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Crucial Fact

  • Her favourite word was research.

Last in Parliament October 2015, as Conservative MP for Nunavut (Nunavut)

Lost her last election, in 2019, with 26% of the vote.

Statements in the House

Minister of Natural Resources June 9th, 2009

Mr. Speaker, this is a very serious issue. The shortage is a concern. Canadians can have confidence that I will take the necessary steps to protect the health and safety of Canadians.

For the last 18 months, my department has been working very closely with the experts, the provinces and the territories on contingency measures that are being used in situations like this.

Health June 8th, 2009

Mr. Speaker, I have been in regular contact with my provincial and territorial counterparts in managing this situation. The medical expert community has provided alternatives for procedures in the provinces and territories. I continue to meet with the medical experts in managing this situation.

Health June 8th, 2009

Mr. Speaker, since 2007, government and health care providers have developed contingency measures to minimize the impact on patients. That includes using alternative isotopes such as thallium for cardiac scanning.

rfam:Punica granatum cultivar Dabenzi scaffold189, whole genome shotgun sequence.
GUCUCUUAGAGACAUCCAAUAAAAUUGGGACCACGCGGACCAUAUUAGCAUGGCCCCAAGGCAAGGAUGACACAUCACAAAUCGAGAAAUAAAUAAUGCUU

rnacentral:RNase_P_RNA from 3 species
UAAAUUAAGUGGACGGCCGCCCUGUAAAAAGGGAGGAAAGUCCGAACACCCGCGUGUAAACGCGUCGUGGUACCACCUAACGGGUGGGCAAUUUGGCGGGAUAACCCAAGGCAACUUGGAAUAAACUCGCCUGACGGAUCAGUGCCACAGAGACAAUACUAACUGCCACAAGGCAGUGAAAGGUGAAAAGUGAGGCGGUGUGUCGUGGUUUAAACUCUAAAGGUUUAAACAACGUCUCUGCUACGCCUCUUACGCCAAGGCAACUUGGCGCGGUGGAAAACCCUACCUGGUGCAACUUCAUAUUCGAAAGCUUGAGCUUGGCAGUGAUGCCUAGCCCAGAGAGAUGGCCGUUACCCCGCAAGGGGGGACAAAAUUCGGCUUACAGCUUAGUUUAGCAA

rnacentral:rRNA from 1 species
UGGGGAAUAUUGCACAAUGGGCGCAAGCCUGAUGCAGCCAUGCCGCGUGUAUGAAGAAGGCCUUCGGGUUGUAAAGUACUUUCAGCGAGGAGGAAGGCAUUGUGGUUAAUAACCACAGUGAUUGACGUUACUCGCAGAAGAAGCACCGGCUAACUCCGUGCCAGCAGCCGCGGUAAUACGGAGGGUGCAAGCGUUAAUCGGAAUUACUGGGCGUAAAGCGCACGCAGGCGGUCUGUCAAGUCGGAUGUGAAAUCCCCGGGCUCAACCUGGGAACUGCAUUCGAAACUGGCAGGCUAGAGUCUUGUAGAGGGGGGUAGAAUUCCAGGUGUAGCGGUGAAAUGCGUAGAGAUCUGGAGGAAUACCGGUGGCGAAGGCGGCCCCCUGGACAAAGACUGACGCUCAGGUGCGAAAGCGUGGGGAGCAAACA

This morning I again had a conference call with the medical experts community in how we are managing this situation. In terms of how to move forward, we are meeting with them this weekend to again discuss how we can provide assistance and alternatives to the provinces and territories.

Health June 8th, 2009

Mr. Speaker, again, let me repeat that the medical experts community has advised of alternatives that are available to provinces and territories. That means other isotopes can be used to assist provinces and territories in managing their supplies. The alternatives, such as thallium, iodine or gallium, can be used in the provinces and territories to deal with the shortage.

Health June 8th, 2009

Mr. Speaker, again, we are working with the medical isotopes experts and they have advised that in terms of alternatives, Thallium-201 can be used. What does that mean for treatment? This can be used as an alternative for most heart tests, which accounts for approximately half of all the Tc-99 procedures in Canada. Iodine-123 can be used to image kidney and thyroid glands. Gallium-67 is used for the detection of Hodgkin's disease and lymphoma, among other things.